First, looking at one measurement alone on a short-term basis generates a skewed perspective on economic performance and trends. To extend the art analogy before, this type of tunnel vision is akin to looking at one dot in a pointilism painting. As George Seurat would likely tell you, that’s no way to see the big picture.

George Seurat's famous pointillism painting, "A Sunday on La Grande Jatte". One point here, like one economic data point, doesn't give you the whole picture.

Second, the current economic picture is not as rosy as the Wall Street bulls would like you to belief. Past performance may not be indicative of future results, but it can be instructive when evaluating all the data in that bigger picture. Decimated savings paired with a trend of robust consumer spending tells us that, much like we saw with the 2008 recession, Americans will likely be tightening their belts as 2023 progresses. If, as Higgins states, consumer spending accounts for 70% of our GDP, that tightening may have a significant impact on retail, real estate, and more.

In other words: we are not out of the woods we seem to be missing for the statistical trees just yet.

What this Means for Investors, Entrepreneurs, and Consumers

Contemplating a recession, especially after thinking it had been avoided, can be scary. Investors may grow concerned about portfolio performance. A potential drop in consumer spending may have entrepreneurs anxious over the impact on their revenue. Consumers still struggling with the price of eggs may grow skittish as they eye their personal finances.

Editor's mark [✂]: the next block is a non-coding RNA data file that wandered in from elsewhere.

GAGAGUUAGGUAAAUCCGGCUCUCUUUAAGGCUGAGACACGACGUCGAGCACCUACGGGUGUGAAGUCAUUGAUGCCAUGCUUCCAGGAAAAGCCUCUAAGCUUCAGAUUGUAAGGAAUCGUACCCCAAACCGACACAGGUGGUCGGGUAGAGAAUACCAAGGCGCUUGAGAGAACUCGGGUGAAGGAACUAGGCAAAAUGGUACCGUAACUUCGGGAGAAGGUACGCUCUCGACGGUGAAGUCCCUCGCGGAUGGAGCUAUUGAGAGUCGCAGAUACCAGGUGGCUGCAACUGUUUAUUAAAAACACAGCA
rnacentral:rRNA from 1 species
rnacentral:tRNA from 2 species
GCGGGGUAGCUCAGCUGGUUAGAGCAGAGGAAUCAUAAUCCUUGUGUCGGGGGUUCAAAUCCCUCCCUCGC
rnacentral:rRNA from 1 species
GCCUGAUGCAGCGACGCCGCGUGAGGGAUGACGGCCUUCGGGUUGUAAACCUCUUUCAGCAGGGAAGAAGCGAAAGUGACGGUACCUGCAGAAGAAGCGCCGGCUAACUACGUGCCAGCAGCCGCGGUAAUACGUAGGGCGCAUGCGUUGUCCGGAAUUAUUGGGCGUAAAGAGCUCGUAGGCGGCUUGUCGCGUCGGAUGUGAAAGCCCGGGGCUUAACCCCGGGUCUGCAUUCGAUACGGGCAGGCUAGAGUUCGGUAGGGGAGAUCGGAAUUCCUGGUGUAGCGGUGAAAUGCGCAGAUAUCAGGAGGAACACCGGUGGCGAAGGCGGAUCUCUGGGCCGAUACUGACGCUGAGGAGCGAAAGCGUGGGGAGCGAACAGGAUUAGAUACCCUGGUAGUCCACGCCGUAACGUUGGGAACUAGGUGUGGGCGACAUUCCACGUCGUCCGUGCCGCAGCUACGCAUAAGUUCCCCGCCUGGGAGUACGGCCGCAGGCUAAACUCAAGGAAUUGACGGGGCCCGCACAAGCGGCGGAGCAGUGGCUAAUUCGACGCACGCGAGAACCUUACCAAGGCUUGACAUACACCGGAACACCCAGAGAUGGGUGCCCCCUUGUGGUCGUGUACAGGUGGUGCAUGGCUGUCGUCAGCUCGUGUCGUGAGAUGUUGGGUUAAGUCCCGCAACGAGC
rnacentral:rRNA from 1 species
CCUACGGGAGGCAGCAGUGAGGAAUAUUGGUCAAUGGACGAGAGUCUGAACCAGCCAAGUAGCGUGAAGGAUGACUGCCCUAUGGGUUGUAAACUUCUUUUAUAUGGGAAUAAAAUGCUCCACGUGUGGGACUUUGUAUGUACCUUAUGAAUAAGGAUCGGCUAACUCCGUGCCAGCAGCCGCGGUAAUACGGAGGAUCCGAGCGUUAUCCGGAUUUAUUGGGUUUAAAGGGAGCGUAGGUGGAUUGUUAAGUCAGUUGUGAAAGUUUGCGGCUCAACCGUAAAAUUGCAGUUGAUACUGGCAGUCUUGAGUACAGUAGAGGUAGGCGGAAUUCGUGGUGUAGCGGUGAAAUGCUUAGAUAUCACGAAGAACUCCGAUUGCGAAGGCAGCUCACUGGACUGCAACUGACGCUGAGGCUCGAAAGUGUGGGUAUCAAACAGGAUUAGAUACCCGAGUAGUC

On all fronts, the best bet is likely to hope for the best but prepare for the worst. Though you certainly shouldn’t act from a place from panic, there are steps you can take to brace yourself for an economic shock. From reevaluating risk exposure in your investment holdings to redoubling efforts to growing your savings while limiting spending, options abound. It is advisable, however, to seek the guidance of a professional before you make your move.

At the end of the day, we don’t have a crystal ball. It is entirely possible that the economy will get the surge of energy we’re all hoping for right now. Understanding the data reflecting the economy, however, is the best way to make sure you’re not caught unaware.

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©2023. DailyDACTM, LLC d/b/a/ Financial PoiseTM. This article is subject to the disclaimers found here.